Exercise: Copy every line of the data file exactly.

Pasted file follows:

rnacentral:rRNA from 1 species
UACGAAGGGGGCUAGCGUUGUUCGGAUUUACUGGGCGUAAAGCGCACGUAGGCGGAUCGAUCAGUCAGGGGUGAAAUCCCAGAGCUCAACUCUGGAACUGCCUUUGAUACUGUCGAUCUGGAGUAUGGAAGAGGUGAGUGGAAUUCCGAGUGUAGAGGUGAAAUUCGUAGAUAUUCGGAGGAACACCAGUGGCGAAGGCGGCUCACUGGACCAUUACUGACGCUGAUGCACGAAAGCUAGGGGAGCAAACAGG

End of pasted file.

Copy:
rnacentral:rRNA from 1 species
UACGAAGGGGGCUAGCGUUGUUCGGAUUUACUGGGCGUAAAGCGCACGUAGGCGGAUCGAUCAGUCAGGGGUGAAAUCCCAGAGCUCAACUCUGGAACUGCCUUUGAUACUGUCGAUCUGGAGUAUGGAAGAGGUGAGUGGAAUUCCGAGUGUAGAGGUGAAAUUCGUAGAUAUUCGGAGGAACACCAGUGGCGAAGGCGGCUCACUGGACCAUUACUGACGCUGAUGCACGAAAGCUAGGGGAGCAAACAGG